If President Jacob Zuma does not resign‚ the ANC will remove him through Parliament‚ finance minister Malusi Gigaba has said.
Zuma should ideally relinquish his position as head of state voluntarily‚ Gigaba told host Bianna Golodryga on CNN’s Quest Means Business show on Tuesday night. However‚ Gigaba said the party would not hesitate to use a vote of no confidence in the National Assembly to remove Zuma.
“I think what we expect now is that the deadline which has been set for the president by the national executive committee is for tomorrow [Wednesday]. We expect that … he is going to do the right thing‚ as the NEC expects. The secretary-general [Ace Magashule] was very clear that we expect of the cadres of the ANC to do the right thing when called upon‚ as president Mbeki did in 2008‚” Gigaba said.
“If that doesn’t happen‚ the NEC has put in mechanisms to address that situation. There is an ANC caucus [Wednesday] in the national parliament where members of the ANC will deliberate on the issue and plan the way forward.
“It’s going to take place an hour after president Zuma would have addressed the nation at 10am‚ so we would know by then what’s the course of direction we’re going to take. But‚ surely‚ should he continue to refuse‚ should he refuse‚ we would then have to resort on a parliamentary process that‚ with a 62% majority and the support of other opposition parties‚ we are certain to pass.”
The ANC confirmed on Tuesday that its NEC had resolved to recall Zuma – following a 13-hour meeting that started on Monday afternoon and lasted into Tuesday morning. The recall echoes a scenario that ultimately saw former president Thabo Mbeki resigning from office in 2008.
Asked whether he supported the call for Zuma to go‚ Gigaba said: “Of course‚ we all support the view that the president needs to step down – and to step down immediately – to allow the new leadership to manage the transition process. So I’m fully supportive of the measures that are undertaken‚ particularly because they are going to bring about much-required political certainty and policy certainty that we need to get the South African economy growing beyond the levels at which it’s growing at the present moment.”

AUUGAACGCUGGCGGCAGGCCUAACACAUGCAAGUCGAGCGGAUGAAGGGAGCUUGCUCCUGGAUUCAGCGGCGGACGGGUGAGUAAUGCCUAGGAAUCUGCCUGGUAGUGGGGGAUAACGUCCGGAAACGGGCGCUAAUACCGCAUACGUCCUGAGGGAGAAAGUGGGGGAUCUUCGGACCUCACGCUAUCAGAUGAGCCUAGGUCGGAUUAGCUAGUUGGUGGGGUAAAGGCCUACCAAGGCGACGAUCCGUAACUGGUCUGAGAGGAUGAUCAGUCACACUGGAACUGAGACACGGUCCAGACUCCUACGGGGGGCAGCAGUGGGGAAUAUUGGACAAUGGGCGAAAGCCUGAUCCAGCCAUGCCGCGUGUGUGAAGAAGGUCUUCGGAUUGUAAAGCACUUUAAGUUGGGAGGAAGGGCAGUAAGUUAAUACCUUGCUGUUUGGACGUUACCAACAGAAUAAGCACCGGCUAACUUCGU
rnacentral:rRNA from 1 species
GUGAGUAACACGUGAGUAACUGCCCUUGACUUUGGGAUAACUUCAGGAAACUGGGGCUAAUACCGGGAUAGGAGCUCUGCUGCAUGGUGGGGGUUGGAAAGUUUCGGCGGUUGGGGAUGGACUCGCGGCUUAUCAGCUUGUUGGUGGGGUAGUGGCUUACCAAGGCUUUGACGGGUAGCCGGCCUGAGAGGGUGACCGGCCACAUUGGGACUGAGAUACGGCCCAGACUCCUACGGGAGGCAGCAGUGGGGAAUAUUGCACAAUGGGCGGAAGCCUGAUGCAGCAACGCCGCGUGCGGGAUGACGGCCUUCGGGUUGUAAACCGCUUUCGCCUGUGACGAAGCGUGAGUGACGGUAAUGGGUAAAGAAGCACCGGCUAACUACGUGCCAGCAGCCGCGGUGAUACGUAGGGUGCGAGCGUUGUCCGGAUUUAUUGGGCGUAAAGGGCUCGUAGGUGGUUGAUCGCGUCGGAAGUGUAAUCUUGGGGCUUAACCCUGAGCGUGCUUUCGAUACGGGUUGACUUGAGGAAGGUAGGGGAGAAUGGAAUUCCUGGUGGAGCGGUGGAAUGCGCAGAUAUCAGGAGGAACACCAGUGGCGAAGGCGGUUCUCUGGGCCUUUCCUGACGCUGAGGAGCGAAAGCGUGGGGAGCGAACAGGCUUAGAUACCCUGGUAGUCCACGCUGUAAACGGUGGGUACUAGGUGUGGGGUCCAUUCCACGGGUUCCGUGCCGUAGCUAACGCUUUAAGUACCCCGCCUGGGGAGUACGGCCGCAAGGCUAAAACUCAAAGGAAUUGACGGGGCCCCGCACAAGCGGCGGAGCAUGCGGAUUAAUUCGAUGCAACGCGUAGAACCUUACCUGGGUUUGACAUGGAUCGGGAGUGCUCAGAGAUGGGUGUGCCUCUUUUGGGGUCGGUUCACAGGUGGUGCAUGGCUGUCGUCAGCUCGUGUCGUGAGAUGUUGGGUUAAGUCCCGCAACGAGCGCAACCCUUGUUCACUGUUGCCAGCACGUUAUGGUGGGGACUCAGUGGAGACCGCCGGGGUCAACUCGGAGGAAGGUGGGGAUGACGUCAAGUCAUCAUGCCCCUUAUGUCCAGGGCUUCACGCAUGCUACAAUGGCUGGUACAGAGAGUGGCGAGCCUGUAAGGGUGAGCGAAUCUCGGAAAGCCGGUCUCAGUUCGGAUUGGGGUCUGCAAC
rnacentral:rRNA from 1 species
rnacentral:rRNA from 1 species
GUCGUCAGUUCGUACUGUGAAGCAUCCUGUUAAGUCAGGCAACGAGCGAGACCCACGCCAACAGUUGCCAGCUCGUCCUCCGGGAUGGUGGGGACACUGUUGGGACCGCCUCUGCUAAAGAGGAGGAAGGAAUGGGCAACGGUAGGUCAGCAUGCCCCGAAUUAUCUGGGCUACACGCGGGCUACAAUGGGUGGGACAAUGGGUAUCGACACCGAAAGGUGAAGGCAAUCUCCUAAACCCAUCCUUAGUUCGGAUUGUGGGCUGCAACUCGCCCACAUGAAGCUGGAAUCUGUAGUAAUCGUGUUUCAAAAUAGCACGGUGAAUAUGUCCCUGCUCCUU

Gigaba also confirmed that there was no change in plans for the annual budget speech to be delivered next week – whether Zuma is president or not.
“We’ve already seen positive indicators in the economy: the bond yields reducing‚ we’ve seen the rand strengthening against the dollar‚ we’ve also seen a number of other factors‚ including declining unemployment. All of those are positive signals that big decisions taken by the new leadership in four weeks‚ which indicate we are living through a very significant transition that will augur well for the people of South Africa.”
Gigaba said he was confident that the government had done enough to stave off another ratings downgrade.